The Insider – 1999
This was a good enough movie, but not as good as I was hoping it would be. Despite this, I have to give Russell Crowe’s performance two thumbs up. He really created a great character. He was the common man who gets pushed up against a wall and is willing to risk everything he has to fight back. True, he loses it all, but he does it while standing on the moral high-ground. The question is, is it worth it?
Crowe plays Jeffrey Wigand, the man who blew the whistle on the tobacco industry. Al Pacino played Lowell Bergman, the 60 Minutes journalist who got him to do it. The two actors had a good on-screen chemistry, but Crowe’s performance was much more memorable than Pacino’s. Why? First, the character was just more visually memorable. Crowe put on thirty-five pounds and dyed his hair white in order to emulate the real Wigand. Second, the character was more pivotal to the story. And lastly, I think his performance was infinitely more intense than Pacino’s.
Russell Crowe really did a fantastic job and earned himself a Best Actor nomination. He played it all perfectly, from the initial nervousness of a man who is walking around the edge of breaking the law, to the seriousness of self-endangering intent. His emotions were always so clear, and yet somehow always subtle at the same time. It was really an Oscar-worthy performance. Well done, Russell.
Pacino did just fine, but his performance was nowhere near the level of some of his previous films like Scent of a Woman or The Godfather. Also, this is not the kind of role we are used to seeing Pacino in. I applaud him for wanting to do something that was outside his normal comfort zone, but there was a bit of a disconnect in my head which made it an effort to believe in the honesty of his portrayal. This was in no way Pacino’s fault. It is my issue in how I perceived his performance. Really, he did alright, though nothing to write home about.
The movie actually followed Bergman as the lead role. It began with him and followed his relationship with Wigand, his efforts to encourage him and then to protect him once the tobacco companies started to intimidate him and his family, even going so far as to send death threats if he went public with what he knew. And the plot continued to follow Bergman after Wigand’s wife, Deborah, played by Renee Olstead, had left him and taken his kids away from him. Bergman stayed and made sure that all his efforts were not in vain, fighting against CBS, his show’s network who caved in to the money machine of the tobacco companies, refusing to air Wigand’s deposition. Even the final few scenes in the movie followed Bergman in the aftermath of the pivotal events, not Wigand.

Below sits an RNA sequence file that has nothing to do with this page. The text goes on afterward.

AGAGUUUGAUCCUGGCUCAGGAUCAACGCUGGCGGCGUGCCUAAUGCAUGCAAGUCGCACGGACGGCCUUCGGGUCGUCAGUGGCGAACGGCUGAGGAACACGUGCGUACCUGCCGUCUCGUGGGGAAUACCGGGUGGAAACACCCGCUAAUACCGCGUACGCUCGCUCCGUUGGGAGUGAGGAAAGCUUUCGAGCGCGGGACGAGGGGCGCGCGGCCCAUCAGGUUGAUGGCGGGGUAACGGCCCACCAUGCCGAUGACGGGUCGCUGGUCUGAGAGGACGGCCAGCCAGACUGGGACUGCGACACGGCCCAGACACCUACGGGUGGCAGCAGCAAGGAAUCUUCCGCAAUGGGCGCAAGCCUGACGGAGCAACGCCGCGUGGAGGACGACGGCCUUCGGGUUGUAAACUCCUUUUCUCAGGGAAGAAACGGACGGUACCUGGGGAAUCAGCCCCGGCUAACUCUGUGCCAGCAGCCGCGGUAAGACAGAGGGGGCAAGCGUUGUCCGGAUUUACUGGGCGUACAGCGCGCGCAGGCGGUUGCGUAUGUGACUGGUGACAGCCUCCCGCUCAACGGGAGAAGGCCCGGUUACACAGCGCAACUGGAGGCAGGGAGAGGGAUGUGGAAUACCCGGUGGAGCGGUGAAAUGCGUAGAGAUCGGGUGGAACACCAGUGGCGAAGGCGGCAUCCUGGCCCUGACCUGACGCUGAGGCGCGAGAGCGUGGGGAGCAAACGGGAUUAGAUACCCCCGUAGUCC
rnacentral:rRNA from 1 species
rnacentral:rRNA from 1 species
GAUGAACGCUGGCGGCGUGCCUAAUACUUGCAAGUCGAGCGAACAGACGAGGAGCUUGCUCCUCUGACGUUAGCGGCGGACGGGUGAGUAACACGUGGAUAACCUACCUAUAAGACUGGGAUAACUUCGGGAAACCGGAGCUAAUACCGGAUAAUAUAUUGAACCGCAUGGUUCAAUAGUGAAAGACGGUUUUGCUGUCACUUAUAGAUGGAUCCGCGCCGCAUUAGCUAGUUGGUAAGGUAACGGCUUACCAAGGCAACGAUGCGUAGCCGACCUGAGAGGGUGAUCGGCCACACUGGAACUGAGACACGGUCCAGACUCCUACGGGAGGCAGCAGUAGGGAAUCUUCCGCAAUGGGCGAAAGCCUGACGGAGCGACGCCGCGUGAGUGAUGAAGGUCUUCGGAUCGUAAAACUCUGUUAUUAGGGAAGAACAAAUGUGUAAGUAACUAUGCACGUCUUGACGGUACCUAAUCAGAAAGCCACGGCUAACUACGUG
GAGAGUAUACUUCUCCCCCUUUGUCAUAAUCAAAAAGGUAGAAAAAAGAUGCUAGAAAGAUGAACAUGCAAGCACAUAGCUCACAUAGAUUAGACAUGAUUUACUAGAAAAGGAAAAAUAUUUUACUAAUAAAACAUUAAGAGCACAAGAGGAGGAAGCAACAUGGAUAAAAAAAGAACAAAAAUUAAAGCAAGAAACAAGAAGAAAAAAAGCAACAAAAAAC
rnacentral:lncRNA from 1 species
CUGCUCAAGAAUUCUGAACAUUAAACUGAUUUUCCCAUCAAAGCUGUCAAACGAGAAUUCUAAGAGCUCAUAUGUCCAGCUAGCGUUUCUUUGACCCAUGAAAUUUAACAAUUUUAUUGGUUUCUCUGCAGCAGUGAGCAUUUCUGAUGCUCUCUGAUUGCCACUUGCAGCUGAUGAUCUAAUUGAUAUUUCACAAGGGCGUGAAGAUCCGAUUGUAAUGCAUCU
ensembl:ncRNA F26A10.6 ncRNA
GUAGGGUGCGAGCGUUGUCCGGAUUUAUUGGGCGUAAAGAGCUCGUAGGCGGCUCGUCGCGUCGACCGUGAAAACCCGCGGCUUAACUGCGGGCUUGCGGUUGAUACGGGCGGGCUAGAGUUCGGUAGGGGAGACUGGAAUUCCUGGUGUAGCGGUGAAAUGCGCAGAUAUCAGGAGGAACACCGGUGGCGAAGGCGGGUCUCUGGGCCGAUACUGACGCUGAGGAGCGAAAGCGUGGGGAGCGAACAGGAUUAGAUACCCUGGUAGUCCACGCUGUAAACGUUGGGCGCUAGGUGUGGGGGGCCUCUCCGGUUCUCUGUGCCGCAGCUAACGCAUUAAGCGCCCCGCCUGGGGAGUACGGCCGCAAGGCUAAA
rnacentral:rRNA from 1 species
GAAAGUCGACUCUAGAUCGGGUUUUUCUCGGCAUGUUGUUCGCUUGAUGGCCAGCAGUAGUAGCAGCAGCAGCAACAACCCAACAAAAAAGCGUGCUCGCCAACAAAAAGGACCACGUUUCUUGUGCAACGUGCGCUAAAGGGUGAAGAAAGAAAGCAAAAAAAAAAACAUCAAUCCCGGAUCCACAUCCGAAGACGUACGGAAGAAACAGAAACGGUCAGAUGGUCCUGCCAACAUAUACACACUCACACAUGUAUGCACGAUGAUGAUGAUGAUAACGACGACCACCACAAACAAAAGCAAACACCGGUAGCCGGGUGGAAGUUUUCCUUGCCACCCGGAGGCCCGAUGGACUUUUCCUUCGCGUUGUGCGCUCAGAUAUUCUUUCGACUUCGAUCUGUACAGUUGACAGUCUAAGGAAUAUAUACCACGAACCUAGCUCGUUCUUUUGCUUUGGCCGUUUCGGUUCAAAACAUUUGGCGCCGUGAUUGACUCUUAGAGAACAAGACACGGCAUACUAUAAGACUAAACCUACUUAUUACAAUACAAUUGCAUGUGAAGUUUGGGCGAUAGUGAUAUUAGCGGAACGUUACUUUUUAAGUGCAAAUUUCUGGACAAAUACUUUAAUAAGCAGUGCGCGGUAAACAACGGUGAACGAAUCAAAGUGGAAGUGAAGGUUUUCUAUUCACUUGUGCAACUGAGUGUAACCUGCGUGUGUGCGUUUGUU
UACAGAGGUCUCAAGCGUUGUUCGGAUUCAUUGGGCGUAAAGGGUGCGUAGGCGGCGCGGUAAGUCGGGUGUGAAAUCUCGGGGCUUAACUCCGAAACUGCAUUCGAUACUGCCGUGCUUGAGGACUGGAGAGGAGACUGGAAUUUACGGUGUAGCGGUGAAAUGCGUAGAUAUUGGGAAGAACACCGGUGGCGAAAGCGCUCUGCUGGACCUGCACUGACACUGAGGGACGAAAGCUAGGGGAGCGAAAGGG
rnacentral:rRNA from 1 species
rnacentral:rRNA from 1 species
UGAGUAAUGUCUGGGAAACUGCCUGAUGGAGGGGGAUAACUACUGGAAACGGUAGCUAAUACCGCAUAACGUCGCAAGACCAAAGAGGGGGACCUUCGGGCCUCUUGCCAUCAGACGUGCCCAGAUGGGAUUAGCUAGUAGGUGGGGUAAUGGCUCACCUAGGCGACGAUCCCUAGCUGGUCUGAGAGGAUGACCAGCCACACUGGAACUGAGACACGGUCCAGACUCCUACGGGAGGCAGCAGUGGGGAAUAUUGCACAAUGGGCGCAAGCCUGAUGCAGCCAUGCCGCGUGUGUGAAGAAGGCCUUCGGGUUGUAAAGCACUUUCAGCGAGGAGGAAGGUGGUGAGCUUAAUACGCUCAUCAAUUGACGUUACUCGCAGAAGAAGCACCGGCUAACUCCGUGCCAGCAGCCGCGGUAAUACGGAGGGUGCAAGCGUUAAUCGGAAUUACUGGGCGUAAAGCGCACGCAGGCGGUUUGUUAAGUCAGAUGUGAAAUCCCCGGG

And what was it that Wigand knew that was so dangerous to the tobacco industry? First of all it is important to understand that tobacco is a multi-billion dollar industry. They have never lost a law suit because they can out-money anyone who tries to sue them. They use incredibly strong and threatening intimidation tactics to scare anyone who dares to oppose them. And the CEOs of the 7 largest tobacco companies had been video-taped in court, swearing that there was no evidence that smoking caused any detrimental health issues. This was a bald-faced lie, a fact of which Wigand was fully aware, having been the Vice President of Research and Development at Brown & Williamson, one of those big tobacco companies.
Wigand knew that not only were the companies aware that their products were both addictive and harmful, but that the companies added chemicals to their cigarettes to make them even more habit-forming and dangerous. In the end, Wigand’s knowledge of the lie made him dangerous, and he felt compelled to go public with his knowledge, even going so far as to break his signed confidentiality agreement to do so. But it wasn’t his concern for public health or safety that motivated him. It was the very fact that his former employer was trying to pressure him to stay silent.
Unfortunately, the film is somewhat unremarkable. The subject matter just wasn’t very intense. The best part of the film is Crowe’s performance. From what I have read, the movie stayed pretty accurate to the real events which took place in 1996. Before the ending credits began to roll, some text was put up on the screen, explaining what happened to the characters, and that Wigand’s testimony resulted in the tobacco industry losing around a total of $246 billion in law suits. It also made a point of saying, “Although based on a true story, certain events in this motion picture have been fictionalized for dramatic effect.”
What this means is that, according to Mike Wallace, the real Bergman’s long-time co-worker at 60 Minutes, played in the movie by Christopher Plummer, two-thirds of the movie is accurate but that he disagreed with how his own motivations were changed for the film, casting him in a more negative light. So, if the subject of corporate whistle-blowing interest you, then this is a good movie to see. Other than that, you might be enticed by Crowe’s exceptional performance. But if not for those two things, this was a fairly unremarkable movie.